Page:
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  1. #1
    :jarckass: deathhare's Avatar
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    Reynolds 753 + NJS..info wanted

    Trying to find more info on this tubing, like how often it is/was used. I know its an expensive upgrade when ordering an NJS frame but thats about all ive found out.
    I have a frameset im going be moving soon and it was built with 753. Any insight would be great. Thanks alot.

    pic


  2. #2
    Senior Member TNCLR's Avatar
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  3. #3
    :jarckass: deathhare's Avatar
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    Quote Originally Posted by TNCLR
    Thanks, yeah, ive just seen that. Its pretty informative.
    Last edited by deathhare; 02-17-07 at 09:06 PM.

  4. #4
    Doortrapper popluhv's Avatar
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    Where can I buy a trach frame?

  5. #5
    Senior Member TNCLR's Avatar
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    It sounds like their pretty picky about who they sell it to. Could explain the additional costs. It doesn't sound too common that's for sure.

  6. #6
    forever noob headlessspider's Avatar
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    Quote Originally Posted by TNCLR
    It sounds like their pretty picky about who they sell it to. Could explain the additional costs. It doesn't sound too common that's for sure.
    which means that whoever made the frame was certfied by reynolds.
    and if life has failed you, leave the cross you're nailed to
    life work

  7. #7
    :jarckass: deathhare's Avatar
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    Quote Originally Posted by TNCLR
    It sounds like their pretty picky about who they sell it to. Could explain the additional costs. It doesn't sound too common that's for sure.
    Yeah thats what i was thinking too. Sounds like not many people are allowed to use this tubing. Thats kinda cool.
    Its a Makino frame.
    Last edited by deathhare; 02-17-07 at 09:04 PM.

  8. #8
    Senior Member mrwhite's Avatar
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    Quote Originally Posted by TNCLR
    got two tube sets of it here, 753 and 531, straight from reynolds. 753 is designed for light riders. You need to be an accomplished builder to work with it due to it's qualities.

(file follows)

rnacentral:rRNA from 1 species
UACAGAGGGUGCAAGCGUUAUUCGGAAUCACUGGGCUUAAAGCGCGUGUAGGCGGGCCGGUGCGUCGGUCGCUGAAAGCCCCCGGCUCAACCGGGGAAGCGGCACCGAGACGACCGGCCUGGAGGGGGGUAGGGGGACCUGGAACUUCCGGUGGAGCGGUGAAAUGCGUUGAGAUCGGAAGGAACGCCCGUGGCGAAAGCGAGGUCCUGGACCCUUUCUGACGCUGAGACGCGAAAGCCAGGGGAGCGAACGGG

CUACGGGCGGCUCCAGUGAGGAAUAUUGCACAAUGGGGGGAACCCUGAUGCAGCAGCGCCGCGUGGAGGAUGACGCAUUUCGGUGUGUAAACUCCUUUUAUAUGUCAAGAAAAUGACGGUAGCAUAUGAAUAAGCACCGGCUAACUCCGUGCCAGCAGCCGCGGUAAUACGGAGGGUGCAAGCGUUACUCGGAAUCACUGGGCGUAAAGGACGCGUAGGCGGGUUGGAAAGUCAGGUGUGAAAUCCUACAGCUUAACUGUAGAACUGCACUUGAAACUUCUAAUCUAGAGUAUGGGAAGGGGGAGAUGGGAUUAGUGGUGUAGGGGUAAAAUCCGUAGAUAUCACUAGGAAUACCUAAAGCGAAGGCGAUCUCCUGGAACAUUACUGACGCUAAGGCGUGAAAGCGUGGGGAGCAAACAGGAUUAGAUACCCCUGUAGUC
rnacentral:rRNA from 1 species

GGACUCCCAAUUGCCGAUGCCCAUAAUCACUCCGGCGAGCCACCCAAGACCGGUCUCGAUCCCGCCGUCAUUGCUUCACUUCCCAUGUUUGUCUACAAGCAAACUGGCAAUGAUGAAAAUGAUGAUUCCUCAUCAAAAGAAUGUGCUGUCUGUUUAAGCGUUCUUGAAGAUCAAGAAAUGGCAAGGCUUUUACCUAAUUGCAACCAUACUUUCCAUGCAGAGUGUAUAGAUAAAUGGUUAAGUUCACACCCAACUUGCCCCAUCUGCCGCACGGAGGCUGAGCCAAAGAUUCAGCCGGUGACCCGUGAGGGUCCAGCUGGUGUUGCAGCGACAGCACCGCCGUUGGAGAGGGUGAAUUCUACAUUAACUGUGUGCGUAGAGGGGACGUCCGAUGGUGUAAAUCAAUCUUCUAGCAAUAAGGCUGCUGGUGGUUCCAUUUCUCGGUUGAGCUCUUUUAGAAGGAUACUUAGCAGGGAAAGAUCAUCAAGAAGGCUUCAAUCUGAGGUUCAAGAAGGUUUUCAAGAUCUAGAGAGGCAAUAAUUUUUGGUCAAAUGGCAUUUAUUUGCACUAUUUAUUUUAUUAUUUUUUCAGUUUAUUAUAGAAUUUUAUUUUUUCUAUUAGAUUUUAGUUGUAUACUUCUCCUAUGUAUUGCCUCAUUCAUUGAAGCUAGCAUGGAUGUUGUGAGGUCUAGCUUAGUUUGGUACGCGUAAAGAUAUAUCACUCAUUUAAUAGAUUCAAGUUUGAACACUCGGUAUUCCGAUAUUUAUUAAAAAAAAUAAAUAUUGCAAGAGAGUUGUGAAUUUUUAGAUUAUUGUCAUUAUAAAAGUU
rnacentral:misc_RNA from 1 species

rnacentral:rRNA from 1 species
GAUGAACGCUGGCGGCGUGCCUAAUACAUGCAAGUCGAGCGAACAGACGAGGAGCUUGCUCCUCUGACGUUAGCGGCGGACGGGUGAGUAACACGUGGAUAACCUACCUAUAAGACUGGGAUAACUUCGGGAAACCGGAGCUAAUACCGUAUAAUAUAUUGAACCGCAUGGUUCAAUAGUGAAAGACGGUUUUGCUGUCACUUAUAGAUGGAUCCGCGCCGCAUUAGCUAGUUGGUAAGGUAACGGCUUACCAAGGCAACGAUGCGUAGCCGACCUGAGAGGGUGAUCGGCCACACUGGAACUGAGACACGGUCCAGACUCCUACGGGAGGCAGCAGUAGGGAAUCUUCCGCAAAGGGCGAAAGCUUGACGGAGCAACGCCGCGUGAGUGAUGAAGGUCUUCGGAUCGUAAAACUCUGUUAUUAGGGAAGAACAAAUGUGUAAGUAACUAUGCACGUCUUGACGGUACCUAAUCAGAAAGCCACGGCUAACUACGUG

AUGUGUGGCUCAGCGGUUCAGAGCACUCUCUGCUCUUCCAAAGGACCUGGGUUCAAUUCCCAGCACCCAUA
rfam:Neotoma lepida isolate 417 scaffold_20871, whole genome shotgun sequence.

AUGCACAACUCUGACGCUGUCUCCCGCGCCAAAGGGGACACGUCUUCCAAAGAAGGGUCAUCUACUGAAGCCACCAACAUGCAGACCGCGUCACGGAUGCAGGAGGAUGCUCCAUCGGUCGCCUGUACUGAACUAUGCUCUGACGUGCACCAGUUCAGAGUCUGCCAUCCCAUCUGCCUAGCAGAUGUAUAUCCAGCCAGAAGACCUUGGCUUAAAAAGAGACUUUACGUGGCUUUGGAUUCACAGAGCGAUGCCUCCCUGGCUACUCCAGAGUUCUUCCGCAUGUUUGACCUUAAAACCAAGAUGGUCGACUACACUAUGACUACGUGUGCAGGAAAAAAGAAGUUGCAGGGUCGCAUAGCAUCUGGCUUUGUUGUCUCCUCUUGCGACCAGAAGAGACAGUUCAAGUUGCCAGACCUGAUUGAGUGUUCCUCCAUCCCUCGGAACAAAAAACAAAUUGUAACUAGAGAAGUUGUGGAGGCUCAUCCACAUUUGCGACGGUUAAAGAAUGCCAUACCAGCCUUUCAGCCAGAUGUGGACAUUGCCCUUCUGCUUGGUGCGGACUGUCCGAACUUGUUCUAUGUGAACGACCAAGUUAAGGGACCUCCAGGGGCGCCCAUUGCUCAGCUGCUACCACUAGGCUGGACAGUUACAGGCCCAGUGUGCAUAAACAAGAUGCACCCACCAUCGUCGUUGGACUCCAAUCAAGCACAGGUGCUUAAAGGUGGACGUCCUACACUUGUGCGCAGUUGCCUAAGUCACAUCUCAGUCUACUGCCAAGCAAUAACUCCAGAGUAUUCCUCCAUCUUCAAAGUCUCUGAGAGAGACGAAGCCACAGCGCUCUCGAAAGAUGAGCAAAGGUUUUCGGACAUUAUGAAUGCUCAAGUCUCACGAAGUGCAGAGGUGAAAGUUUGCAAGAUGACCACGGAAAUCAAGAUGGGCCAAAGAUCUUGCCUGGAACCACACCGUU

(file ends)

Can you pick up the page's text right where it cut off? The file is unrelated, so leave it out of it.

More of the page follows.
9. #9
    Stinky McStinkface exfreewheeler's Avatar
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    Quote Originally Posted by popluhv
    Where can I buy a trach frame?

    at a trach store
    Because, yeah... uh huh! Umm, yeah!

  10. #10
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    You need to be certified to build with Reynolds tubing. You build a frame with the tubeset and Reynolds inspect it. Its yeah or nay. This what was explain to me years ago.

    Most Keirin builders would get a yeah due the fact they are ceritifed already by NJS/Keirin Assocation.


    You can try buying from a builder.
    S/F,
    CEYA!

  11. #11
    blah onetwentyeight's Avatar
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    The following article is copied from a March 11,1983 issue of Velonews reporting on the NYC International Cycle Show of that year. (woo google!)

    "Too-tough tubing"

    Have you ever heard that a frame made of Reynolds 753 tubing can't be "cold set" (i.e.bent back into alignment after being twisted in a crash)? Is it true? If so, how come? We asked TI Reynolds Show representative TOM FIELD.

    "No way" is now Field described the chance of cold setting 753. "You just can't budge it at all. In fact, once it's jigged and brazed you just can't change it. It must be perfectly aligned by the framebuilder and that's why we are so careful about who is allowed to build with 753."